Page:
How to buy a small business computer in 2003

Question: Which computer should I buy for my small business? –C.S.

Answer: My rule of thumb is to ask the sales person what the fastest computer on the market is, and then buy 75% of the processing power. There’s more to it, of course, so let’s look at some of the decisions you’ll need to make.

At the time of this writing (summer 2003), the fastest machine on the market was an Intel Pentium 4 or AMD Athlon XP PC. Both have a 3 GHz (gigahertz) processor (that’s 3,000 megahertz). Given that, I’d aim for a 2.4 GHz chip. This will give you plenty of processing power, a decent buffer against obsolescence, and a price that excludes the premium you pay for cutting-edge technology. Into 2004, expect 4 and 5 GHz processors.

If you have an extremely limited budget, aim at either Intel Celeron processor or AMD Duron. You’ll still get GHz speeds, but at budget prices.

When shopping for a computer, look at the GHz rating of the chip on the computer. The bigger the number, the faster the chip.

Buy as much RAM (random access memory) as you can afford, since you’ll need it to keep up with newer software as the computer ages.

Low-end computers come with 128 MB these days, which is sufficient for word processing and web surfing. If you want a kick-butt low-end machine, jam it full of RAM. Get 512 MB if you can. It won’t cost you more than a couple of hundred dollars extra.

If you need to do graphics editing for presentations or web pages, you will need a lot of processing power, so aim for the fastest machine you can afford — but again, budget for RAM first. Aim for a minimum of 256 MB (megabytes) but go up to 1 GB if the computer and your budget can handle it (512 MB is a reasonable compromise), then look at how much you have left to spend on a processor.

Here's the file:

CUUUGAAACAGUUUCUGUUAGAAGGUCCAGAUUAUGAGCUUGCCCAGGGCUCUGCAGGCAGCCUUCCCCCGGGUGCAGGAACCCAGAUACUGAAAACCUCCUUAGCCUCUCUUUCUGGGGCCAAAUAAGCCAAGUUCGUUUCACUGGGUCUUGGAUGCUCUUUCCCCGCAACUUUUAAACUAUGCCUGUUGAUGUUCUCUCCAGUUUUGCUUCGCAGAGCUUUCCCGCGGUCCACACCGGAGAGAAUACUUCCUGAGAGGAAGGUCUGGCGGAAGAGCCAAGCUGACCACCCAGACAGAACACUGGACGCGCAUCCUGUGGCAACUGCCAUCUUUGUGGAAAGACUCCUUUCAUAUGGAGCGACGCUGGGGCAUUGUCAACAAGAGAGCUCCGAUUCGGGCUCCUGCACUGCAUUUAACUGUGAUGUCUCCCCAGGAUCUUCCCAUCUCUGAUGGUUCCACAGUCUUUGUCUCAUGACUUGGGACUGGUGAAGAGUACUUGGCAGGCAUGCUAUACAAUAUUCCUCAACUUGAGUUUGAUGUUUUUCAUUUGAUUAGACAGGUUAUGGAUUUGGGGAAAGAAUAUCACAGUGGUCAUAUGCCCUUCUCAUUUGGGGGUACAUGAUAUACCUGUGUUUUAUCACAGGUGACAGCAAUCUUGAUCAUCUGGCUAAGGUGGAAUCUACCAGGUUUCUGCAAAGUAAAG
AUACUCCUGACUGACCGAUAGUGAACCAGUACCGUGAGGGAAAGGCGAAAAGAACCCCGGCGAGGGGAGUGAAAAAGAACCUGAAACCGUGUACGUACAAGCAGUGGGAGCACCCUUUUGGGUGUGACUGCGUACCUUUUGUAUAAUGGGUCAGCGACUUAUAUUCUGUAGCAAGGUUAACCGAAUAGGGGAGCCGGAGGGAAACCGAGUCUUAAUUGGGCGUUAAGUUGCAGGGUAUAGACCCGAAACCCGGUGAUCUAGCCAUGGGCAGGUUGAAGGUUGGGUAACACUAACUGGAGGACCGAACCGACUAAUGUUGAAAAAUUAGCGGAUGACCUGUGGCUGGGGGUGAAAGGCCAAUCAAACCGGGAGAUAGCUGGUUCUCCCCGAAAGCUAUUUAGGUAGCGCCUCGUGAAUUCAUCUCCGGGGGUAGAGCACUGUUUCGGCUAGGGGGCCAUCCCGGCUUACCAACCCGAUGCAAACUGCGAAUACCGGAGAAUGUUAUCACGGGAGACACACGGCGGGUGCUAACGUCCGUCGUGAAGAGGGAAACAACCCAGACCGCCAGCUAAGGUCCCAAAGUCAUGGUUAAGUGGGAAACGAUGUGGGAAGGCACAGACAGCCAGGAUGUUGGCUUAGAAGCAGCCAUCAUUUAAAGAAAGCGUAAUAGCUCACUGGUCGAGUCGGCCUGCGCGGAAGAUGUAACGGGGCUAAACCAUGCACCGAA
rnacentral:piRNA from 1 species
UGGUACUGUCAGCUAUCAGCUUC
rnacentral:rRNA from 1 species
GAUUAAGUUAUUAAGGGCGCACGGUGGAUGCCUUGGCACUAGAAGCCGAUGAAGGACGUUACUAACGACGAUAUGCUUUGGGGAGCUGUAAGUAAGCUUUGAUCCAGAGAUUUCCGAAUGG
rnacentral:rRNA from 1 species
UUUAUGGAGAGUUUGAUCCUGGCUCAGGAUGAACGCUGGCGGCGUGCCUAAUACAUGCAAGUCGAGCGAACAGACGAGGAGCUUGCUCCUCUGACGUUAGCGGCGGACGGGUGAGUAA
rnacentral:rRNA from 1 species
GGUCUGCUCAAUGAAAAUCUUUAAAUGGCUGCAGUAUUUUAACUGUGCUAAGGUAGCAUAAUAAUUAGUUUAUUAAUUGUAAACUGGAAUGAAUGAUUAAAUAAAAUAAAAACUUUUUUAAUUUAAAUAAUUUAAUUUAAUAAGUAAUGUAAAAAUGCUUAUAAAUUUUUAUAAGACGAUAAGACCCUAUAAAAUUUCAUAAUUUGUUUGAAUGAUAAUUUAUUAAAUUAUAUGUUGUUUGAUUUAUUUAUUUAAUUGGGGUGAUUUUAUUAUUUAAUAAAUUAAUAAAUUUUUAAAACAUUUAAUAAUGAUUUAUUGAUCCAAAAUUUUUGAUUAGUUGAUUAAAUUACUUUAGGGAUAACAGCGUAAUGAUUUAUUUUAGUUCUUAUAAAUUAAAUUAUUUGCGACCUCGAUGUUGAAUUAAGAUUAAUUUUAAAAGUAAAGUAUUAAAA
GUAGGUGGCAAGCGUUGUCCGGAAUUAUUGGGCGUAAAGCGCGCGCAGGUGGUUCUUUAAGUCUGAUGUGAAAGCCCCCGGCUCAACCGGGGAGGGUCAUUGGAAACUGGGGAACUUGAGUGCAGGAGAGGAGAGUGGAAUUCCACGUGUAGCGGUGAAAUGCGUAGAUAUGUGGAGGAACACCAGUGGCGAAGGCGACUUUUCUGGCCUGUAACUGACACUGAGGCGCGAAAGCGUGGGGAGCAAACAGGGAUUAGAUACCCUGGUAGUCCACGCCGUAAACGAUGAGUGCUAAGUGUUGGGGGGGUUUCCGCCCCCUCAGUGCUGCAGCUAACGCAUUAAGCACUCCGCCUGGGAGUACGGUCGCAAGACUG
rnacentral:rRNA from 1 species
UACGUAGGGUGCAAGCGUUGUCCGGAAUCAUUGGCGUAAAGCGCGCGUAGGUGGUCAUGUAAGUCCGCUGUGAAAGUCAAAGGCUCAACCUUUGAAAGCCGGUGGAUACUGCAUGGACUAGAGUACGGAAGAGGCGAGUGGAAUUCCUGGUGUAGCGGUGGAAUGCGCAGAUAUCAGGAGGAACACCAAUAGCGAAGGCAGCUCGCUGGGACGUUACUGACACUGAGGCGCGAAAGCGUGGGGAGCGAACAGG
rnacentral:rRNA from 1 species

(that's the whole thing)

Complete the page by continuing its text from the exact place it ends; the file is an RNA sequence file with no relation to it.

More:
You’ll also want a sizable hard drive for graphics work, since graphics and multimedia files take up a lot of storage space. Aim for a 80-GB (gigabyte) drive or better. Top-end hard drives these days are at 250 GB. Hard drive technology is cheap in relation to other components, so it won’t be expensive to buy a large-capacity drive. If it’s just documents you are saving, you can survive with a small drive. If you’re editing video, go as big as possible.

You’ll want to connect to the Internet at high speeds on any computer you’ll buy. If you have a company network, the computer will need a 10/100-megabit per second network interface card to connect. You’ll need one of these if you are connecting directly to a high speed Internet modem from your cable or phone company. Most computers come with these built in. They can also be bought afterward and installed separately for about $35 Canadian.

You’ll also want a 17″ monitor with a dot pitch rating of .25 for fine resolution, although anything lower than .27 is acceptable. Choose a graphics accelerator with 32 MB or more of video memory. Top-end video cards come with 128 MB of video memory (VRAM). Get one of these if you’re going to do CAD design or video editing. A 64 MB video card is fine for middle of the road graphics applications.

Flat panel monitors are also incredibly affordable these days. They are very easy on the eyes and cost below $500 Canadian. One note, a 15″ flat panel has the same screen area as a 17″. Same rule applies for a 17″ flat panel – it has the screen area of a 19″ CRT. That’s because a CRT has a bezel around the edge of the monitor that hides the edge of the tube.

Finally, for external storage, a CD burner – sometimes called a CD+RW in geek-speak – is a must. Even DVD burners are affordable these days. Don’t think of DVD discs only as movie discs. They can store 4.7 GB of data compared to about 650 MB on a CD.

And today the floppy disk is obsolete. If you want a floppy drive, it’s an upgrade. If you’re going to move files between non-networked computers, you can opt for a USB key, a thumb-sized storage device that plugs into the USB connector on your computer. Take a look at [link removed]’s impressive selection.